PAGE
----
Have you ever spent time with young children finding shapes in the passing clouds – rabbits, witches or anything your imagination can stretch to? When did you last smile at a gently pink sunrise or gaze in wonder at a fiery red sunset? Or just lie on a flat rock watching the wispy clouds float by, breathing deeply, forgetting all your worries for a while?

Why don’t you try it? It is an amazingly simple thing to do – and the benefit is simply amazing.


This Cycling Life

I definitely call myself a couch potato when it comes to cycling. In fact I don’t even like riding a bicycle – at all. I was brought up riding horses on our farm in southern Tasmania. I first sat on a horse when I was 4 weeks old, and won my first ribbon at our local show aged 5.

However I am a cycling tragic. My ex-husband took up cycling – full on, as with everything he “took up”. He passed on his love of cycling to No.1 Son. There followed frosty Sundays watching junior road racing in central Victoria, and hot summer evenings at the Bendigo velodrome while our little darlings raced their hearts out.

Eventually we “took up” watching the Tour de France, and slowly inhaled all things ‘peleton’, ‘maillot jaune’, ‘tête de la course’ and ‘Alpe d’Huez’. Names like Lance Armstrong (past tense), Cadel Evans, Andy Schleck, and Edvald Boasson-Hagen now slip easily into our conversations. We are experienced “travellers” in France, Italy and Belgium.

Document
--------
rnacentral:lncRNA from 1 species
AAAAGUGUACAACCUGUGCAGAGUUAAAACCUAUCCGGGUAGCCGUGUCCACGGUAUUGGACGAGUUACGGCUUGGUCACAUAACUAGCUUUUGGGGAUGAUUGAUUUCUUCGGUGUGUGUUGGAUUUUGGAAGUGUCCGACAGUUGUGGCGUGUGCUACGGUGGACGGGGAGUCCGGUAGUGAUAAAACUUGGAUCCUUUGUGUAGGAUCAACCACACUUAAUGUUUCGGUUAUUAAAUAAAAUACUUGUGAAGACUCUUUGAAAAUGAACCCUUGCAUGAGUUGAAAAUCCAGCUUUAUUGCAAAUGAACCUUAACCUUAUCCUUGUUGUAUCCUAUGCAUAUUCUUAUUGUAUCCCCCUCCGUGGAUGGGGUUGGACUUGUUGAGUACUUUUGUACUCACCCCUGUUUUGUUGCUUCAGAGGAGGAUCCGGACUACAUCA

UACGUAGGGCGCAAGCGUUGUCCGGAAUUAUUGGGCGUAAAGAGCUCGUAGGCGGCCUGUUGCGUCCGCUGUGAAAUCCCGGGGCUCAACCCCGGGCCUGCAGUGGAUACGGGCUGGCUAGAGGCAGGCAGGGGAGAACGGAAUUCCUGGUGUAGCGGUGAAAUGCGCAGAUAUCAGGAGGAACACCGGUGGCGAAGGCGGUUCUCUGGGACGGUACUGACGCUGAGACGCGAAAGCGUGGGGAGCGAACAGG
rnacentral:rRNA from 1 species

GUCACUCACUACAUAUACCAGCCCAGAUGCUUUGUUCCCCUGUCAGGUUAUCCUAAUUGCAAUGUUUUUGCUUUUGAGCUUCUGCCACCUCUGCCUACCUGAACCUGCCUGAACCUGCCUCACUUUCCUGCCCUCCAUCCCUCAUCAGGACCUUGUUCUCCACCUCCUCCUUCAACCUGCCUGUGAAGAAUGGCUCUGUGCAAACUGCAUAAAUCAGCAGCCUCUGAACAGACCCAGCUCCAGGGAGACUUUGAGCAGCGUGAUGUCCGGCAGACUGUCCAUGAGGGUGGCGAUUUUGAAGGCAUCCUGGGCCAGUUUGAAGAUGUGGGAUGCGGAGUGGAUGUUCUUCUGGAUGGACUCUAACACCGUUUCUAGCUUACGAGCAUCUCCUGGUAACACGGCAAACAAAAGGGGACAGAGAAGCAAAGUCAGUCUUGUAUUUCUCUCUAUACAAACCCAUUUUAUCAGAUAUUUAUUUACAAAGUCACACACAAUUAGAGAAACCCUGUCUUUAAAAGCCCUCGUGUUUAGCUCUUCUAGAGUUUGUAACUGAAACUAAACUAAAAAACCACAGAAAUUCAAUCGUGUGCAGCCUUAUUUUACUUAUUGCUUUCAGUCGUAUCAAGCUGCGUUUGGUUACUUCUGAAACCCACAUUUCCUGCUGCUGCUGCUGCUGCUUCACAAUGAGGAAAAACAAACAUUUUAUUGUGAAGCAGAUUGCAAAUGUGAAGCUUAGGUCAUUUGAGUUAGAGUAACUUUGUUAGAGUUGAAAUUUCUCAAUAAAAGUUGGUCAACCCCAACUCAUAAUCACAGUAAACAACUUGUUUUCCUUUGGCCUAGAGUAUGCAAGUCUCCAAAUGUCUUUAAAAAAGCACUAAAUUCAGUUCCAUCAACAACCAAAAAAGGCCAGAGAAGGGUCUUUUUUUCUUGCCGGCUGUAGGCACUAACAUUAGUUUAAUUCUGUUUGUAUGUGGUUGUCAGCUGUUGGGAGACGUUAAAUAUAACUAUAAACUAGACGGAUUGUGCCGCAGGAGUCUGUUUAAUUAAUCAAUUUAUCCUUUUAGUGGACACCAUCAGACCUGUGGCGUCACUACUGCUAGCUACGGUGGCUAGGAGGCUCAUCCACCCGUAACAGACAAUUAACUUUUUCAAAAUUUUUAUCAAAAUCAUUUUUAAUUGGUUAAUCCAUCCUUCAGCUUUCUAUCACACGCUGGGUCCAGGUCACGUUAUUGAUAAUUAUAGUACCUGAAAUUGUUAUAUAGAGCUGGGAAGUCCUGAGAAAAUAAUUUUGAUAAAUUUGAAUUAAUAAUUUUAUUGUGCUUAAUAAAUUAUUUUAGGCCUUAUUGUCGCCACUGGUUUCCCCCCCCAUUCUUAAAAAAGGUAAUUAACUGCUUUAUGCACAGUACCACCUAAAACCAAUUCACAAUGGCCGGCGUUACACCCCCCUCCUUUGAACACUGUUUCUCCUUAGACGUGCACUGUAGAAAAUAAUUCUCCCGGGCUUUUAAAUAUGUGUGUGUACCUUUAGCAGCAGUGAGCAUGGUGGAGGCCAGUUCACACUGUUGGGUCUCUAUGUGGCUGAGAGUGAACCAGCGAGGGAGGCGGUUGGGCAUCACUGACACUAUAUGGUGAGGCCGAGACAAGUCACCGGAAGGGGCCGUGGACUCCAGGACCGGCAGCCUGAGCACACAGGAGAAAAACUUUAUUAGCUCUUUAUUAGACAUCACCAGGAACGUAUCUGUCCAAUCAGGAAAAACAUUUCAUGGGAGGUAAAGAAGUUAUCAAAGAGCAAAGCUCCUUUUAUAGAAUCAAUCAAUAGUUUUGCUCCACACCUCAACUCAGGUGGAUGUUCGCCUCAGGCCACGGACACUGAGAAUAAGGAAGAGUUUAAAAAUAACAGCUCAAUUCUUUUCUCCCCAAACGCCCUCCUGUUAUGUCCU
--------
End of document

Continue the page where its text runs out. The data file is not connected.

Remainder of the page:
Aussies competing overseas have become family members. As a mother I “hurt” when one is injured and has to abandon a race. We cheer them on into the wee hours. Since March, No.1 Son and I have avidly watched the One Day Classics in France and Belgium. Now the Giro d’Italia and Tour of California have taken over. A lesser-known 8-day tour in Ireland has caught our attention this week as No.1 Son’s best mate tackles the green fields and rugged coastal roads of the Emerald Isle. But this is building up to the “Big One” – Le Tour. It is Yellow Countdown in our house.

What is it about cycling that captures our attention and challenges our sleep patterns?

A banquet awaits us every night. Amazing TV coverage of the races are filmed from motorbikes and hovering helicopters, bringing us not only the excitement and sometimes despair of the races, but also stunning scenery. Expert commentary brings countryside and racing to life, educating us about riders and team tactics.

And have I mentioned the millions of people who line the roadsides annually, and losers dressed in devil suits and mankinis attempting to outrun arguably some of the finest athletes in the world?